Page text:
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  • Jonathan Holleran

Phoebe Wellington

The calming dew filled the air as Phoebe and her father were sitting in the treestand waiting for an unsuspecting deer to walk by. From a young age, Phoebe’s dad instilled a love for hunting within her. Rick Wellington was what the neighborhood called a Redneck. He wore the same red and black striped flannel with ripped jeans almost every day except if he was hunting, then he wore camouflage. His daily activities consisted of hunting, chopping wood, keeping to the farm, and taxidermy. Sure, Phoebe thought her dad being a taxidermist was strange, but she knew that the business had been passed down from generation to generation for over 200 years, and her father would be devastated without it.

“Dad! I see one.” Phoebe glanced at the sight of the unsuspecting deer 100 feet away.

“Take a shot sweetie, this is what we’ve been training for, you got this.”

Phoebe’s hands were nervously shaking as she pulled back her pink-camo bow she had her father make for her. The feathers of the turkey that once was rest 2 inches from her eyes, ready to be fired at the deer at any second. Finally, she releases, as the arrow flies at 125 mph straight towards the Buck. Suddenly, the Buck takes off, darting towards the closest escape he could find.

“Daddy, Daddy, I got him, I got him!” Phoebe cheered. No answer. Rick sits in quiet, admiring the beauty he created. Phoebe bolts out of the treestand, looking for any reminisce of blood to track the deer down. Rather than finding blood, she finds her arrow. Phoebe burst into tears.

“DADDY!” she cries, “ I missed it—I missed him."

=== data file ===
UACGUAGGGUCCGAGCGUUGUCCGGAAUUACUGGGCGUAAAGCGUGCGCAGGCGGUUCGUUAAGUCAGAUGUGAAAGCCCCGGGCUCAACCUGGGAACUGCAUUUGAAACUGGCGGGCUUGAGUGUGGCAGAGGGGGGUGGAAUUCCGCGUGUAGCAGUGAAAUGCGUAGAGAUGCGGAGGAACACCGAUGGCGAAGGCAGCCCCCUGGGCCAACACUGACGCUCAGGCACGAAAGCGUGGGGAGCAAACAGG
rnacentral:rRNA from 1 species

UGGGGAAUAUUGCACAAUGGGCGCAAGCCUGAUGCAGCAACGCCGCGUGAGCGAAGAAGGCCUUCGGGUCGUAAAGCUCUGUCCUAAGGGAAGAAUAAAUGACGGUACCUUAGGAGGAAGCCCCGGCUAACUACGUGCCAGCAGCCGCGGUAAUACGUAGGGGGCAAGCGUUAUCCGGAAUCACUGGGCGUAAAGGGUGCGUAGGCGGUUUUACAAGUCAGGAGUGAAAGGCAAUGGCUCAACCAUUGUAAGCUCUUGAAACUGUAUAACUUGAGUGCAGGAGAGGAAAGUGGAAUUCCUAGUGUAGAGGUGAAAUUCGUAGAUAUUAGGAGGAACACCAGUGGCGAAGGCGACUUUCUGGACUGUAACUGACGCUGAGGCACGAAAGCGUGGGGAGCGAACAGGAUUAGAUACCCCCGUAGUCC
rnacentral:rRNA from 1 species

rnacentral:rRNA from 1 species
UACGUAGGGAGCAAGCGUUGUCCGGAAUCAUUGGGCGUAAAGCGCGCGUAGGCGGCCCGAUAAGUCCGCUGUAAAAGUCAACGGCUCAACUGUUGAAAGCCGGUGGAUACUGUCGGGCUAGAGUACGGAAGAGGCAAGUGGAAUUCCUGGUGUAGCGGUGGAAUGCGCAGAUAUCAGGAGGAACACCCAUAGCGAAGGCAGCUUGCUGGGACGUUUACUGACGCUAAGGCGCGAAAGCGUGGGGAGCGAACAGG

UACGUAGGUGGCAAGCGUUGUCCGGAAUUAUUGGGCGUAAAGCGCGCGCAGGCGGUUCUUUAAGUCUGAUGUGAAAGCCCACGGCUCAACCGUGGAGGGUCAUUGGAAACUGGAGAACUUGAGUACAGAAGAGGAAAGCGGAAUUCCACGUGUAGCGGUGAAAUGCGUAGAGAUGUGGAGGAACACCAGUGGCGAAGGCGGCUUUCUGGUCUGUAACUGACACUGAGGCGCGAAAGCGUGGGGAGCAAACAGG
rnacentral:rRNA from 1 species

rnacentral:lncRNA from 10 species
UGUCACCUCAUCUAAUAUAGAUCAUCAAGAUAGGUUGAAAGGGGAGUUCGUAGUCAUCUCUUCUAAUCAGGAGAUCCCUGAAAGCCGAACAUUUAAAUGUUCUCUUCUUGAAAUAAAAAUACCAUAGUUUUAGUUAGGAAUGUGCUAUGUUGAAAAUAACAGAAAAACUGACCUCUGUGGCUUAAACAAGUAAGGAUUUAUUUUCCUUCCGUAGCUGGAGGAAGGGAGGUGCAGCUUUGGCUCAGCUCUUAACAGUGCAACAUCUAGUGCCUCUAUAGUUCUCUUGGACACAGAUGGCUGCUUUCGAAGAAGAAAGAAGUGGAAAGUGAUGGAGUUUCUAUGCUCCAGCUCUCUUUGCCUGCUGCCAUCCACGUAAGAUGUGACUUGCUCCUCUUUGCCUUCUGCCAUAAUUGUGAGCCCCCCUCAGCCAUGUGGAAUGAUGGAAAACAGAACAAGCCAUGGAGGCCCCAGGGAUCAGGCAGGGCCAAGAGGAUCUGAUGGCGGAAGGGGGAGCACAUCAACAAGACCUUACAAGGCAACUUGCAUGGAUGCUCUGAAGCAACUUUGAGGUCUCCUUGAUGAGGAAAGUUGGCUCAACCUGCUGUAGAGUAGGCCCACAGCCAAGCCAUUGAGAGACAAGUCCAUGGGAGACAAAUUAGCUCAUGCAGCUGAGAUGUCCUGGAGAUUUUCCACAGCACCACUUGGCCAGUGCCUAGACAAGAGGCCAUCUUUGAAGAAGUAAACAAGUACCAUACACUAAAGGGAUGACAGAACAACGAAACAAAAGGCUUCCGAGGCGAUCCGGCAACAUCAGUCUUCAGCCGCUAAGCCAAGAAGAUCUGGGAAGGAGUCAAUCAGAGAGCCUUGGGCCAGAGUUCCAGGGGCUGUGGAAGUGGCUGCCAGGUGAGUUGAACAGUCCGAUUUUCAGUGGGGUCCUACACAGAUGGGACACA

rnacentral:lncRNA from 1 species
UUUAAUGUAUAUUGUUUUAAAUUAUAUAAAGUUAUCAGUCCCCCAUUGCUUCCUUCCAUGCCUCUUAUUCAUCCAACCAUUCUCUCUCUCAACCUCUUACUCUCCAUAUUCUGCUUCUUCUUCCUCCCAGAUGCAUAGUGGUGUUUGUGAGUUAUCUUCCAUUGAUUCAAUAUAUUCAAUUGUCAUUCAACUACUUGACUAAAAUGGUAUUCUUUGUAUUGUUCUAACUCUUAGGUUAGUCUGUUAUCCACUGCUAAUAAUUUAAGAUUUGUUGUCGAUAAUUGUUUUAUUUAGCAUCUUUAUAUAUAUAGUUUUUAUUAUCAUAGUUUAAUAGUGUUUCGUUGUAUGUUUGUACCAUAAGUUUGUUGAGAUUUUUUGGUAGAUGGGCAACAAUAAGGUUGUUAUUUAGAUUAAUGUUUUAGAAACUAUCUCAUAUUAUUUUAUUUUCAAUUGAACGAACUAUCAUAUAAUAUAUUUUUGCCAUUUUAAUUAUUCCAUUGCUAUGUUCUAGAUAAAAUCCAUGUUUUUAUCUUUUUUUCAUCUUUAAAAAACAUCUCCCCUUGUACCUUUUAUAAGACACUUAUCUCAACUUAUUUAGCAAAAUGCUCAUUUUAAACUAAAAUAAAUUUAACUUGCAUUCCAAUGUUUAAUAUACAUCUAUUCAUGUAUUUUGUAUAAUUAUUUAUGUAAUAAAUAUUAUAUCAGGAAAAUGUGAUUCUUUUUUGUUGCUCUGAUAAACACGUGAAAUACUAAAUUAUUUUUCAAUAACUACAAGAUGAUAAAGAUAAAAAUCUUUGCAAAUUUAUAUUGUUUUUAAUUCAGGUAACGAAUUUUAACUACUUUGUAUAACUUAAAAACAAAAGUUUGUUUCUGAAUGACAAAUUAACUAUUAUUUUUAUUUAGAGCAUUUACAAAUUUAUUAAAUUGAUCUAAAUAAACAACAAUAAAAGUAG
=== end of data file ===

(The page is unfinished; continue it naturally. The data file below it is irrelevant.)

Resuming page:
Rick was quick off of his stand to comfort her. Phoebe's mother died from a drug overdose when Phoebe was 6 months old, forcing Rick to take on a comforting role for Phoebe.

“It’s okay sweetie, life isn’t perfect, everyone hits bumps along the road and sometimes things don’t go your way. Keep pushing.” Phoebe and Rick walked home that day laughing and smiling while talking about the chocolate chip pancakes they were going to have for dinner.

This was the last memory Phoebe ever had of her father. 1 day after the missed shot, Rick Wellington died in a car accident, leaving 7-year-old Phoebe alone. That day was 11 years ago. Phoebe is now 18 years old, all alone for the first time. After her father's death, she always felt alone, but there was always someone there to guide her. Now, she is completely alone. Phoebe checked out of foster care 1 day ago to return home.

No one wanted to buy the dump of a house that Phoebe and her father had lived in so ultimately, it landed back in her hands as soon as she checked out. Melinda, an agent at her foster care agency, spared her some change as she walked out the door.

“Keep in touch Phoebe. I don’t know what I am going to do without you.”

“Me either—but it’s time for me to go home, I love you.” And with that Phoebe used the money to hop on a bus back home.

The house was smaller than she remembered, but nothing changed. Her height was still etched on her doorway and the floor still creaked in all the same places. Everything was the same, everything. Yet, there was one thing she hadn’t checked, the taxidermy room. She walked in and the room that once terrified her immediately bought her comfort. All the old memories came back to her. The early morning hunting, the chocolate pancakes, the baseball catches. She sat next to the half-finished deer her father was working on before he died. His desk was just as messy as it ever was. Being home, she realized what she wanted to do—carry on the family's tradition. Yet, she had no animals to start on. So, Phoebe went down to town to ask some old friends for help. She knew exactly where to go: Jiminy Tavern. Her father used to be a regular there in town along with every other dad that lived nearby, and she knew damn well that place hadn't changed.